Online students need more face-to-face time, not less

Shanna Smith Jaggars, Community College Research Center, Teachers College, Columbia University and Thomas Bailey, Community College Research Center, Teachers College, Columbia University

Higher education, we’re told, is rapidly heading towards huge transformation and technological disruption.

Advocates of online education promise that advances in online learning technologies – by permitting course enrolments in the tens of thousands and leveraging crowd-sourcing for peer review — will make a high quality, low cost higher education accessible to any student.

In the meantime, in the US and elsewhere, universities and colleges are swiftly expanding their offerings of what one might call “old-fashioned” online courses: classes designed by individual instructors with enrolments of 25 or so students.

In 2011, almost seven million American undergraduates were enrolled in such courses.

For the sake of these online students, as well as those yet to enrol, it is important to withdraw our gaze from the glow of what could be, and direct it for a moment toward what is. Only by examining the actual experiences of students in online courses today can we understand both the potential of online learning, and its pitfalls.

Community College Research Center at Teachers College, Columbia University, recently concluded a series of studies that took a close look at online courses
in one American state’s community college system. We found that most consisted of
readings and assignments placed online, along with “chat rooms” where students were
asked to hold discussions with their peers.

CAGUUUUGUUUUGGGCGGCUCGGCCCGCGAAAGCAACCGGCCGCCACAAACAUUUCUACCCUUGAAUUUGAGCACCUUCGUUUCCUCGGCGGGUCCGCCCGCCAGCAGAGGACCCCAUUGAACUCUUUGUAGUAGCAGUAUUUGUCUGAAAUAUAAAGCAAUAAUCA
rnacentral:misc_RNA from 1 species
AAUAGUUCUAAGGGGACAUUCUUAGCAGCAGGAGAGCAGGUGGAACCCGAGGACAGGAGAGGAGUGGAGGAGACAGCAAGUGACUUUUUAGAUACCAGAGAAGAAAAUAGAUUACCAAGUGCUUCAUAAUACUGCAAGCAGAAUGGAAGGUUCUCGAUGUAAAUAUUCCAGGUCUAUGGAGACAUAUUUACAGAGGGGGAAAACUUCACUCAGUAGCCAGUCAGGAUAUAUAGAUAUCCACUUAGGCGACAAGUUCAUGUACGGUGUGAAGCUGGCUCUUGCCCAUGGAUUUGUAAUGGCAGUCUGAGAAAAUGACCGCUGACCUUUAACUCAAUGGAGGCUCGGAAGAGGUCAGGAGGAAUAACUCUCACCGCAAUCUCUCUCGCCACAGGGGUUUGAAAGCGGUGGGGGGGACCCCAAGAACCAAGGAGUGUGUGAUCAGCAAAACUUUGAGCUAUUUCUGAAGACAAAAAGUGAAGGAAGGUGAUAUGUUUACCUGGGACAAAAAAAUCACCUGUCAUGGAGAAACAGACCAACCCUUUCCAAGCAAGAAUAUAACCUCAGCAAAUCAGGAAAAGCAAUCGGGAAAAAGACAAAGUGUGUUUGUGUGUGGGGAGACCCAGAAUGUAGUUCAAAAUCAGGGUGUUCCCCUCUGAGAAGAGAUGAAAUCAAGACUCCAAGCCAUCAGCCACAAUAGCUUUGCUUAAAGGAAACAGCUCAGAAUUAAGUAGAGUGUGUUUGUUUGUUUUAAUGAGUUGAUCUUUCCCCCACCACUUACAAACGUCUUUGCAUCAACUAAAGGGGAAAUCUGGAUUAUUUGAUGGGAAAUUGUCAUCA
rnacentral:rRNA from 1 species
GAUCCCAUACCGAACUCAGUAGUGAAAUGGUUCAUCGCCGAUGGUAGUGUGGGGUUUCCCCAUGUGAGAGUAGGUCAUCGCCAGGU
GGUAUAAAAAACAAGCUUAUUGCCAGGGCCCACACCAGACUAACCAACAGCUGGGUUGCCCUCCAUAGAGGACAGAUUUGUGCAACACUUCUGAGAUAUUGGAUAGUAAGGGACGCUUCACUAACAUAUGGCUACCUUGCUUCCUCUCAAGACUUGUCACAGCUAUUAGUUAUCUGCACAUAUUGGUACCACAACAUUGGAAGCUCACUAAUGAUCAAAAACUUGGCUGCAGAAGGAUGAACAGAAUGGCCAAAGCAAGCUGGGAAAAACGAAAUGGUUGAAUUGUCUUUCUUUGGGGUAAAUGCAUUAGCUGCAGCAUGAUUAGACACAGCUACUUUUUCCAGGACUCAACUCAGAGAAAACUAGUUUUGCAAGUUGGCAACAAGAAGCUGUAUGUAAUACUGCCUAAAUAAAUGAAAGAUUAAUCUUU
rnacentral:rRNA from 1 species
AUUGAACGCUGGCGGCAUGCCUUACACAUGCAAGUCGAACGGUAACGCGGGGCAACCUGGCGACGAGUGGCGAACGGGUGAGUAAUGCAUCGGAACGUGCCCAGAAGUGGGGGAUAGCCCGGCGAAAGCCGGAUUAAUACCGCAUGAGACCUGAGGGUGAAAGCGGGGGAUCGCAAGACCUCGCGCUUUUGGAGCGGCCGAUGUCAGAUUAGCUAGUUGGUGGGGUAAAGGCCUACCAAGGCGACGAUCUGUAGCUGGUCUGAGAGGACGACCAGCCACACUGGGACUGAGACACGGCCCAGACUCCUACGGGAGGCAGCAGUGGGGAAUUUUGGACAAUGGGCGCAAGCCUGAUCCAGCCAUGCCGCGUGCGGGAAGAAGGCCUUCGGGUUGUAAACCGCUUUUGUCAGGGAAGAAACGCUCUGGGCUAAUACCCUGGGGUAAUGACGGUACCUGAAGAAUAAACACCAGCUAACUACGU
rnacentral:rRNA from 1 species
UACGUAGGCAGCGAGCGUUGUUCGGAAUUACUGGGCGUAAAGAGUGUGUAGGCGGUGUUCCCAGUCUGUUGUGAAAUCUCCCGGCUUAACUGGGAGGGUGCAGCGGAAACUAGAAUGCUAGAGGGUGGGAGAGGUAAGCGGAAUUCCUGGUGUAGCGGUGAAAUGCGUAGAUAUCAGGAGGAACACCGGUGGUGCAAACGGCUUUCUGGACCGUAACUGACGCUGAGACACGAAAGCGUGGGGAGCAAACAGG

While the technologies deployed varied in
sophistication, in almost all classes one quality remained more or less constant: there
was little meaningful interaction between students and their teachers.

Students were acutely aware of this absence. They told us that if they expected to
struggle in a subject or really “wanted to learn something,” they preferred a traditional classroom where they had more contact with their teachers.

Interestingly, an analysis of the factors that predicted student performance in online classes — factors that included course design and use of technology, among others — found that only one predicted better grades: the depth of interpersonal interaction among students and instructors.

Another team of our researchers examined the role that non-academic factors play in the ability of students to successfully complete a qualification. Interviews with students and faculty made clear made clear that many students arrive at college without possessing or understanding the skills and strategies necessary for academic success.

These skills are as basic as time management, taking notes, using a library and recognising when, how and whom to ask for help.

Interestingly, interviews with online faculty made clear that they expected their students
to be relatively adept and independent learners: students had to be able to manage
their time, take initiative, and generate their own approach to mastering course material.